New research published in the Harm Reduction Journal has demonstrated the robust link between declining smoking rates and adopting alternative nicotine products. The paper titled Can alternative nicotine products put the final nail in the smoking coffin? looked at what happens when governments encourage vaping and other harm-reduction alternatives.
Smoking kills about 8 million people each year. Global smoking rates sit at over 22%. Governmental tobacco control policies haven’t had a major impact on the total number of smokers across the world, and research suggests that worldwide smoking levels have reduced from 1.32 billion to 1.3 billion between 2015 and 2020.
A reduction in smoking by 20 million isn’t much, but it is perhaps clouded slightly by a population increase of 329 million people. Some people like to suggest warning labels on packaging should take credit. However, the fact that there are now over 80 million vapers worldwide, might have more to do with it than telling people what they already know, that smoking kills.
Whatever our differences, almost everyone agrees that smoking is a public health crisis. Getting that 1.3 billion down is a huge priority to reduce pain and suffering across the globe. So, what can be done to speed up the process?
Everyone has theories about what will work. But sometimes, the best approach is to look at what has and is driving down smoking rates.
I’ve never met someone who told me they gave up smoking because they realised it was bad after reading a SMOKING KILLS message on a cigarette box. While evidence suggests that smokers’ ability to understand the real risk of smoking can be low, the number of people who believe it is safe is relatively insignificant.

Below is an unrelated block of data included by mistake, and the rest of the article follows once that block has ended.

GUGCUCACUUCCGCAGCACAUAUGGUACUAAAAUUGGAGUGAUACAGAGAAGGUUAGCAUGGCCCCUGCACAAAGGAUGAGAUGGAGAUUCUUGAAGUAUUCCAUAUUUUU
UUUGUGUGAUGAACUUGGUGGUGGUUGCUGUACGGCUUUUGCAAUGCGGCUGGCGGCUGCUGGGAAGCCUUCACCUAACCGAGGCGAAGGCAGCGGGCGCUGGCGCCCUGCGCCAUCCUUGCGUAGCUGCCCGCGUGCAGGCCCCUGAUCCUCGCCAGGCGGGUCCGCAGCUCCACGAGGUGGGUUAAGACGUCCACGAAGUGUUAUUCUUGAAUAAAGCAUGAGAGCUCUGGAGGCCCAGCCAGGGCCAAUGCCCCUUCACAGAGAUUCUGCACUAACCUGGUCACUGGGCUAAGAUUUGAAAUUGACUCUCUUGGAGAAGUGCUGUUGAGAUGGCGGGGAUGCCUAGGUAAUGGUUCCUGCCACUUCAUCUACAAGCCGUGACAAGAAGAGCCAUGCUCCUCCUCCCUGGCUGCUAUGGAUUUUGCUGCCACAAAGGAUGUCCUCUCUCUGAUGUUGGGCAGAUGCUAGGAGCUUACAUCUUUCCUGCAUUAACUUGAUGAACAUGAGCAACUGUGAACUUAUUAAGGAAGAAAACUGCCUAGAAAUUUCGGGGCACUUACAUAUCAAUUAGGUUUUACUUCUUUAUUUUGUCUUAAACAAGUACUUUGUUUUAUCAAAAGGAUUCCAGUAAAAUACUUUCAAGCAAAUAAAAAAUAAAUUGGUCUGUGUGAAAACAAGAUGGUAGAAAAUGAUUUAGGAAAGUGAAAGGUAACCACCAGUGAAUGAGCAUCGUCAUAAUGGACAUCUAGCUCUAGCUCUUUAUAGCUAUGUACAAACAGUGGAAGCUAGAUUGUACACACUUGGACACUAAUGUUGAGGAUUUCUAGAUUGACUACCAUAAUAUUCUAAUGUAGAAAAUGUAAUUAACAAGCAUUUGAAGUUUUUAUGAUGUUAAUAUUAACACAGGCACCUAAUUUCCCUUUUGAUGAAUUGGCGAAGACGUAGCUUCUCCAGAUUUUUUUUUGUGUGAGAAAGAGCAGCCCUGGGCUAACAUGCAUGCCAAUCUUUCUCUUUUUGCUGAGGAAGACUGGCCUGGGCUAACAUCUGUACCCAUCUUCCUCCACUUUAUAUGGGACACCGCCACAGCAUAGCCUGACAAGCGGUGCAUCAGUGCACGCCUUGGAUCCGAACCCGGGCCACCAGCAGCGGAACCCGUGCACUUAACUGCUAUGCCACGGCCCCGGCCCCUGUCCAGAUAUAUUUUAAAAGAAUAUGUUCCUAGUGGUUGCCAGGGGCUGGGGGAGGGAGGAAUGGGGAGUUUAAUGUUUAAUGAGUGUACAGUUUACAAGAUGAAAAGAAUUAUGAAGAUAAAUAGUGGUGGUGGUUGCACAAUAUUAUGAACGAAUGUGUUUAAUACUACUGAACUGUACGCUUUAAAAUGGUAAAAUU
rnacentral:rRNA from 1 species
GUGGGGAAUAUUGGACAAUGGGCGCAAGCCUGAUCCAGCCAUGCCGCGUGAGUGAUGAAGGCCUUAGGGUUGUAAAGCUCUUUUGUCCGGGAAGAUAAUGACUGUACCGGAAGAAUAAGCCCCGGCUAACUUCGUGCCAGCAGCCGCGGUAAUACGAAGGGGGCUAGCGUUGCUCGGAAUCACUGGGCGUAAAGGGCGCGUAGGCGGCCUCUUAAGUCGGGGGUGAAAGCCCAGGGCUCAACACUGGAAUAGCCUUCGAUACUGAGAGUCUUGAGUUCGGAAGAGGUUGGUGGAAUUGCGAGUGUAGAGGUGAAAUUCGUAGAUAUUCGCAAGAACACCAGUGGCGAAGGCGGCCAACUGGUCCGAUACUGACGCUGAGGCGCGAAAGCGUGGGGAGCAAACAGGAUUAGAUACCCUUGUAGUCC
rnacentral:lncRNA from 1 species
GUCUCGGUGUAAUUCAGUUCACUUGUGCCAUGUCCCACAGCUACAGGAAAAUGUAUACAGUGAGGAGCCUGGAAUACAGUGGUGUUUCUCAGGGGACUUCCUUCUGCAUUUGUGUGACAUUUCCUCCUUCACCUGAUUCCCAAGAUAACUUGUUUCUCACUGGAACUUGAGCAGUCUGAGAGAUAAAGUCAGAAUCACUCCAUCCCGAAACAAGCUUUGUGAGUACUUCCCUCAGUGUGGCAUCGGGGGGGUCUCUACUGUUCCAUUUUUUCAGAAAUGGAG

As pointed out in the excellent paper Tobacco control: getting to the finish line, the people at the vanguard of tobacco control policy are working with old-fashioned ideas.
“The missing strategy in WHO and FCTC policies is harm reduction. Most people smoke because they are dependent on nicotine. Tobacco harm reduction reduces the harm caused by burnt tobacco by replacing cigarettes with much less harmful ways of delivering nicotine; these alternatives have great potential to disrupt the cigarette industry.”
The author of the paper, Karl Fagerström, looks at five different countries where alternative nicotine products are popular. They are:
He points out that the UK and New Zealand governments support harm reduction. At the same time, the other three administrations don’t explicitly support vaping and similar products, but they are relatively permissive.
Then, the paper compares these countries with their neighbours with lower uptake of tobacco harm-reduction products.
When compared with other EU27 countries, the UK is quitting smoking more quickly. Since 2014, smoking has dropped from 18% to 14% in the UK. In the same period, it’s gone from 27% to 25% in the EU27.
There are a couple of things to note here. Once smoking levels get closer to 0%, each drop becomes more difficult. However, the UK has outperformed Europe by 2% over time, despite having less low-hanging fruit.
Sweden is something of an outlier when it comes to low smoking rates. Many people attribute the wide availability of Snus as the reason why it has had lower smoking rates than its Nordic neighbours.
Since 2011, Norway and Sweden have seen smoking rates drop into single digits, 8% and 6%, respectively. In comparison, Denmark and Finland have been less vaping-friendly, and while their smoking rates have declined, they still sit at around 13%.
Australia’s notoriously hardline approach to tobacco control is not working. In 2011, Australia’s smoking rate was 15.7 while neighbours New Zealand had rates of 16.4%. In the last decade, New Zealand has broken into single figures (9.4%), while Australia has lagged behind at 10.3%.
Similarly, smoking rates in Japan have declined faster than in Australia, with heated-tobacco products a popular alternative in the Asian country.
Countries that take a mature, scientific approach to harm reduction are reaping the benefits of faster-declining smoking rates. Harsh tobacco control policies don’t work. The UK, Sweden, New Zealand, Japan, and Norway are showing other countries the way forward. It’s up to us to make these governments listen. So, get involved.